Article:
–by Jennifer Ruple
PUBLICATION DATE: Aug 14, 2018

JEN_RUPLE
Jennifer Ruple

“Growing up, I loved to garden and grow things in our backyard,” said Joe Felix, executive chef at the Toledo Museum of Art. Today, Felix still loves to garden only in a bigger backyard. His chef’s garden on the museum’s campus contains about 30 raised beds, corralling a myriad of vegetables and herbs that are incorporated into the dishes served at the museum’s café.

In addition to supervising the food operation at the café and overseeing catering for the museum’s internal and external events, Felix maintains his garden beds which are surrounded by beautiful perennials. The chef spends roughly three to five hours in the garden each week where he weeds, harvests and collects seeds. He encourages museum guests to stroll through the garden, which is located next to the entrance of the museum’s main parking lot.

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Museum Chef Joe Felix

Throughout the season, the chef’s garden thrives with herbs such as basil, rosemary, lemon balm, cilantro and chives. There are edible flowers and a large variety of fruits and vegetables including six varieties of tomatoes, chiles, tomatillos, zucchini, raspberries and blueberries. “About 10-15 percent of the museum’s overall produce usage comes from the garden. We use it mostly for smaller parties and for chef’s specials; however, 90 percent of the herbs we use come from the garden,” Felix explained.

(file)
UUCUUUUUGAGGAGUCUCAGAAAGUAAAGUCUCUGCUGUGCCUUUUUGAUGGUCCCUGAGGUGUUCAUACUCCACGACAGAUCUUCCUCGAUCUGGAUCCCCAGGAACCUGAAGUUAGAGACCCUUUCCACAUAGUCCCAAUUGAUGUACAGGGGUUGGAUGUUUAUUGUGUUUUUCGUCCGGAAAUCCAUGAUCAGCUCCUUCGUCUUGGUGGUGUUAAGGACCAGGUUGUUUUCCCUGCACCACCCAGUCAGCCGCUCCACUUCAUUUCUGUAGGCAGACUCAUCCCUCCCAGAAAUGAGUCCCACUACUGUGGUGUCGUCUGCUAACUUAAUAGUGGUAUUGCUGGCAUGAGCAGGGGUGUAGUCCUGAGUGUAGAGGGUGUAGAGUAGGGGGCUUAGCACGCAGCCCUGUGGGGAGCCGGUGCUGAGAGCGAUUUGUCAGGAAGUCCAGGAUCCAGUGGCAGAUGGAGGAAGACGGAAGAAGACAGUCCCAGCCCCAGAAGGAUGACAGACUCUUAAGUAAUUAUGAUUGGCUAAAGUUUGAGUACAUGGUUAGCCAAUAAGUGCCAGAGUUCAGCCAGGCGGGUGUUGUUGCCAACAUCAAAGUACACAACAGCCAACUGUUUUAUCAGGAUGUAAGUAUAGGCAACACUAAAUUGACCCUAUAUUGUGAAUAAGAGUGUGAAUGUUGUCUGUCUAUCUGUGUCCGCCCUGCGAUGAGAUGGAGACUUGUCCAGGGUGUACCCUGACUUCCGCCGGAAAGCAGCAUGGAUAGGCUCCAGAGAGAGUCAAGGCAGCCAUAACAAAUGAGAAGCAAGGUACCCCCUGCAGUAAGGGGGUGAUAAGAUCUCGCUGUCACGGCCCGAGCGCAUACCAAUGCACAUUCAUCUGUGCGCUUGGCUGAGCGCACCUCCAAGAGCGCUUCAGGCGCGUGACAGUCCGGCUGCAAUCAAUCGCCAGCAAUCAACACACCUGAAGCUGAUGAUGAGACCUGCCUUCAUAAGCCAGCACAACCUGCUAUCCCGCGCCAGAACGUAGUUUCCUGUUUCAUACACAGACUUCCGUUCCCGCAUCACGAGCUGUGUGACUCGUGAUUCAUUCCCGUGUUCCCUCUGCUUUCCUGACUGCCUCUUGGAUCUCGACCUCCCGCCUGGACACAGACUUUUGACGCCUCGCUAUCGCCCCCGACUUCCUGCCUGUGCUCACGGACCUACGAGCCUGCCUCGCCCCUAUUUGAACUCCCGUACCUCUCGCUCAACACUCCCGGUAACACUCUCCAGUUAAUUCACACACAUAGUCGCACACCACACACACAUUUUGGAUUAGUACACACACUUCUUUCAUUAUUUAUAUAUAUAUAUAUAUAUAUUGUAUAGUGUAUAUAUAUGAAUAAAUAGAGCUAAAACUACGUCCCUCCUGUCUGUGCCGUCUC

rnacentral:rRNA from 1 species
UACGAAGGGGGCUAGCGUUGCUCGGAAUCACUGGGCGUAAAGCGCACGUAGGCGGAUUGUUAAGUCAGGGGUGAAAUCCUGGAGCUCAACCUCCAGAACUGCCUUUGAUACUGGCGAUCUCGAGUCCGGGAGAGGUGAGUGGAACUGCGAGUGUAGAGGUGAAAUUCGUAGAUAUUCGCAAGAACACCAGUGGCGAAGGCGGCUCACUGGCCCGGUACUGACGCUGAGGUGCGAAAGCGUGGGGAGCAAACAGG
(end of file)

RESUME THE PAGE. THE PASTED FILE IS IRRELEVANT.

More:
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Chef’s Garden

Sponsored by Rita B. Kern, a museum donor and nature lover, the garden was installed when Felix was the sous chef for the museum. When Felix became the executive chef three years ago, the garden was reworked and renovated. “I’ve gotten more involved in it as the garden has evolved. It’s always a learning experience finding out what grows best.”

Felix enjoys creating dishes for the café’s seasonal menu which are inspired by what he is harvesting. On the summer menu is a cucumber and tomato salad which includes red onion and fresh mozzarella on a bed of fresh romaine lettuce dressed with a basil balsamic vinaigrette. “We use the fresh cucumbers to make our house pickles too,” said Felix. “We are serving a grilled zucchini side salad with pickled red onion, toasted pecans and pecorino cheese. In the fall, we’ll use the butternut squash in our Cabernet Short Rib Gnocchi,” he added.

Felix explained that one of the greatest benefits of the garden is that it helps give visitors a sense of where their food comes from. “They can go out, see the food growing, and know they are getting something really fresh.”

Enjoy the flavors of summer with two of Felix’s recipes below, or visit the Museum Café on Tuesdays and Wednesdays 10 a.m. to 3 p.m., Thursdays and Fridays 10 a.m. to 7 p.m., Saturdays 10 a.m. to 4 p.m., and Sundays noon to 4 p.m.

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Garden Vegetable Bisque

Garden Vegetable Bisque